77: 437-471.

Parker, D.E., Folland, C.K. and Jackson, M.  1995.  Marine surface
temperature: Observed variations and data requirements.  Climatic Change 31:

Rayner, N.A., Horton, E.B., Parker, D.E., Folland, C.K. and Hackett, R.B.
1996.  Version 2.2 of the global sea-ice and sea surface temperature data
set, 1903-1994.  Climate Research Technical Note 74, Hadley Centre, U.K.
Meteorological Office, Bracknell, Berkshire, UK.
Copyright 2003.  Center for the Study of Carbon Dioxide and Global Change


>From CO2 Science Magazine, 26 February 2003

If global warming has truly been occurring at an unprecedented rate over the
past hundred years, as climate alarmists claim it has, and if global warming
truly produces more extreme hot weather events, as climate alarmists claim
it does, it should be an easy matter to either verify or refute those claims
via a study of extreme hot temperature trends over the past century.  So why
doesn't someone perform such a study? Actually, a pair of climate scientists
has recently done just that, as we describe in the following paragraphs.

DeGaetano and Allen (2002b), working with data from the United States
Historical Climatology Network (USHCN), first created a Daily Historical
Climatology Network for Extreme Temperature (HCN-XT) dataset (DeGaetano and
Allen, 2002a), which they then used to determine how both hot and cold
temperature extremes - defined in terms of the number of exceedences of the
90th, 95th and 99th percentiles of their respective databases - have varied
across the contiguous United States over a number of different time scales.
So what did they find?

Over the period 1960-96, DeGaetano and Allen determined that "a large
majority of stations show increases in warm extreme temperature
exceedences," which would seem to corroborate the claims of the world's
climate alarmists.  They also report that "about 20% of the stations
experience significant [our italics] increases in warm maximum temperature
occurrence," again in seeming vindication of climate-alarmist claims.
Furthermore, they note that "similar increases in the number of >2 and >3
runs of extreme temperatures occur across the country," apparently
substantiating climate-alarmist claims of an increasing frequency of deadly
heat waves. However, when the two scientists extended their analyses further
back in time, some quite different results were obtained.

Adding another 30 years of data onto the front ends of their databases,
DeGaetano and Allen discovered there were "predominantly decreasing [our
italics] warm exceedence trends across the country during the 1930-96
period."  In fact, they found that "in the 1930-96 period 70% of the
stations [our italics] exhibit decreasing high extreme maximum temperature
trends." Hence, to paraphrase the title of our Editorial of 1 July 2000, it
is clear there has been no net increase in extreme hot weather events for
the past 70 years.

But, of course, this is only the United States of which we speak, right?
Right. But, the United States has one of the best maintained and managed
networks of weather stations in the world, which makes them some of the most
accurate in the world. In addition, DeGaetano and Allen note that "Bonsal et
al. (2001) find little evidence for a consistent change in extreme maximum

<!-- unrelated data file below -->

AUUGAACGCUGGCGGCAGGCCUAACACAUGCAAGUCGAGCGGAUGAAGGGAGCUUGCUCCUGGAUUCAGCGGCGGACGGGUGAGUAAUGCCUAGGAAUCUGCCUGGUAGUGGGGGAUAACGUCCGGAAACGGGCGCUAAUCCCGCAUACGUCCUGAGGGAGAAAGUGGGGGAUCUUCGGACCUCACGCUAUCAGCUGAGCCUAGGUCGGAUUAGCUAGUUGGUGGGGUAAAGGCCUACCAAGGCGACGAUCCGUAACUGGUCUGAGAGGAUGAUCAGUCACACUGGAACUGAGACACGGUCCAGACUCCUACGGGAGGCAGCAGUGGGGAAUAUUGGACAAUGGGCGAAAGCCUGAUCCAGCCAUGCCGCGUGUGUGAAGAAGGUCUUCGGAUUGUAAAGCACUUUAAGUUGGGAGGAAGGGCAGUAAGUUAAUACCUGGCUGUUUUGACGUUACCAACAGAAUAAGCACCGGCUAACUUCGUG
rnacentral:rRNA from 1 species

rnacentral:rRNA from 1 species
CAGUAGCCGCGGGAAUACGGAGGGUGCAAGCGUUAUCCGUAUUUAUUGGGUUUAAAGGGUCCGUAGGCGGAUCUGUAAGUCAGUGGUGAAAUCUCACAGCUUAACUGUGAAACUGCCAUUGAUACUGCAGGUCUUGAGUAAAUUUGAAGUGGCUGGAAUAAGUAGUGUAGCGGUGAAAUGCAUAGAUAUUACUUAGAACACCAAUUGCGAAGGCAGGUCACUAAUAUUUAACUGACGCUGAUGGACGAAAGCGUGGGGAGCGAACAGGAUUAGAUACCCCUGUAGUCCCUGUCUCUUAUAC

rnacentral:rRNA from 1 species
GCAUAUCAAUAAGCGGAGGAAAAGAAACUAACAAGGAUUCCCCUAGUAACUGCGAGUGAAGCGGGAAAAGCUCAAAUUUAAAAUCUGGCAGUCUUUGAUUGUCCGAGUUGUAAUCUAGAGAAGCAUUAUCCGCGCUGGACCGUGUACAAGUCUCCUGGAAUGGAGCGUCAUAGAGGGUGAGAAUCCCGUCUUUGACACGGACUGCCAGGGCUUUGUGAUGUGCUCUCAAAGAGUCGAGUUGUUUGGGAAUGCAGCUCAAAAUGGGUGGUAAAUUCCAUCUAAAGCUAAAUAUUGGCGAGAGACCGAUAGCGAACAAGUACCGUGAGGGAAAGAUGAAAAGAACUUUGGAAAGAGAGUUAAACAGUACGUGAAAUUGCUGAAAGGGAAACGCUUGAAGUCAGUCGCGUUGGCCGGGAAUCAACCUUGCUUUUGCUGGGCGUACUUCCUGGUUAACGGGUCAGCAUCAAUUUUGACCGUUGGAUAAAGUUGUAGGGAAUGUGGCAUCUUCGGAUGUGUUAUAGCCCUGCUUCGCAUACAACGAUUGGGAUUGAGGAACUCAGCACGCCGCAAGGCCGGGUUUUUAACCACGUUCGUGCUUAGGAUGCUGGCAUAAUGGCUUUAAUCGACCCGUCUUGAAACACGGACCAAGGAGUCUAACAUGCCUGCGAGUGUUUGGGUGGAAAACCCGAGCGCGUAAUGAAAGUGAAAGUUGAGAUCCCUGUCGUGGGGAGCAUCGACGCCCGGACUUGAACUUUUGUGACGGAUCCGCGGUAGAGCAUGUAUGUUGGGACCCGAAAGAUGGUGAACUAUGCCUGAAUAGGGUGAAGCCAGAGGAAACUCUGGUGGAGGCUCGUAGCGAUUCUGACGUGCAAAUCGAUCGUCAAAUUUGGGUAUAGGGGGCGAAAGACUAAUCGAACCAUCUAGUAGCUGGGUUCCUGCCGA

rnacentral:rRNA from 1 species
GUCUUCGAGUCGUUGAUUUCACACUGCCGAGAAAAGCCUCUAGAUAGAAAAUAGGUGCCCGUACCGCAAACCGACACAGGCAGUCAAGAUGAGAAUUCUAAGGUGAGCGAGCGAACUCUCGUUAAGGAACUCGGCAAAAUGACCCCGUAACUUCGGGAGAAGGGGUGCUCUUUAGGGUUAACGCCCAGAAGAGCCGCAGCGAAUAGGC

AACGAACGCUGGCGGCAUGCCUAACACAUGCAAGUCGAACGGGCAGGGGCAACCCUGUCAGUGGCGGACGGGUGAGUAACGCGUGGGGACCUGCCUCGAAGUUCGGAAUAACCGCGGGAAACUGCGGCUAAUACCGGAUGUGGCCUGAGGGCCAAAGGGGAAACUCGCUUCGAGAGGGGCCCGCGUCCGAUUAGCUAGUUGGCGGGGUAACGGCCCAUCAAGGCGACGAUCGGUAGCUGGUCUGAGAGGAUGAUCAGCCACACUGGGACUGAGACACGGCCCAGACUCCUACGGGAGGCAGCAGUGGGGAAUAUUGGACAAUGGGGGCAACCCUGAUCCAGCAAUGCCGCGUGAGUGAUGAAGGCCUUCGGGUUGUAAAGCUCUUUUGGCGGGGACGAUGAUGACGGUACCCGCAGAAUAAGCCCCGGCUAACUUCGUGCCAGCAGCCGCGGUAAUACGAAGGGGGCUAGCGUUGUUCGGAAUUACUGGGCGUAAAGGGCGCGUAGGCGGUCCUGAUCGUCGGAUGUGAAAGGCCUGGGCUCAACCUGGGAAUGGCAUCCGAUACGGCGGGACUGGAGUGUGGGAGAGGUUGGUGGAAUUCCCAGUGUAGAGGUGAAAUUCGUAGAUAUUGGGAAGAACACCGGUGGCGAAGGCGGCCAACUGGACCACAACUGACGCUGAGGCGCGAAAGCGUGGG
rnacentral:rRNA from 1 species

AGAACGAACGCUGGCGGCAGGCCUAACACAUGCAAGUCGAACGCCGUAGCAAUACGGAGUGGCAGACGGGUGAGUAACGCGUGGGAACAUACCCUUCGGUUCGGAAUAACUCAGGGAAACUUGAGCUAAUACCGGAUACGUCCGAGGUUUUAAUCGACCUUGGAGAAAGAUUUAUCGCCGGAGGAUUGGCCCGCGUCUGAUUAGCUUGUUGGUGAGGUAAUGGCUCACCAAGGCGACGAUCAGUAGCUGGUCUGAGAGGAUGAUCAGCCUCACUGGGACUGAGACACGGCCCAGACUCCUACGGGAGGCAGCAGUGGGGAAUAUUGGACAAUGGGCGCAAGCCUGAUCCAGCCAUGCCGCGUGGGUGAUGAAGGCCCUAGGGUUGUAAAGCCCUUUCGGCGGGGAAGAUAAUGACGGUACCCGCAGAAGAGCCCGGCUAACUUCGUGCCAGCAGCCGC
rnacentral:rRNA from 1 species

temperatures across Canada during the entire or last half of the twentieth
century."  Furthermore, Polyakov et al. (2002), who recently developed a
new-and-improved Arctic-wide temperature history, report that linear
regression trends calculated from the 1920s to the present show a small but
statistically significant cooling tendency. Consequently, from the US-Mexico
border all the way to the North Pole, there is no evidence for any net
increase in either mean temperatures or extreme warm temperatures or heat
waves over the last seven decades of the 20th century, demonstrating that
for the vast majority of North America, all of the net increase in
temperature experienced since the beginning-of-the-end of the Little Ice Age
was essentially complete by the 1930s.

Yet even these findings - as effective as they are in contradicting claims
of impending climatic catastrophe - do not describe the full extent of the
scientific basis for rejecting the erroneous pronouncements of the world's
climate alarmists. Hence, we bring you next the "Paul Harvey half" of
DeGaetano and Allen's results, i.e., the rest of the story, which is a tale
of temperatures improperly adjusted for the burgeoning effects of growing
urban heat islands.

The opening sentence of DeGaetano and Allen's summary states that "trends in
the occurrence of maximum and minimum temperatures greater than the 90th,
95th, and 99th percentile across the United States are strongly influenced
by urbanization." With respect to daily warm minimum temperatures, for
example, the slope of the regression line fit to the data of a plot of the
annual number of 95th percentile exceedences vs. year over the period
1960-96 was found to be +0.09 exceedences per year for rural stations, +0.16
for suburban stations, and +0.26 for urban stations, making the rate of
increase in extreme warm minimum temperatures at urban stations nearly three
times greater than the increase at rural stations less affected by growing
urban heat islands.  Likewise, the rate of increase in the annual number of
daily maximum temperature 95th percentile exceedences per year over the same
time period was found to be 50% greater at urban stations than it was at
rural stations.  Yet in spite of this vast uncorrected-for-bias, when
computed over the much longer 1930-96 period, 70% of all stations in the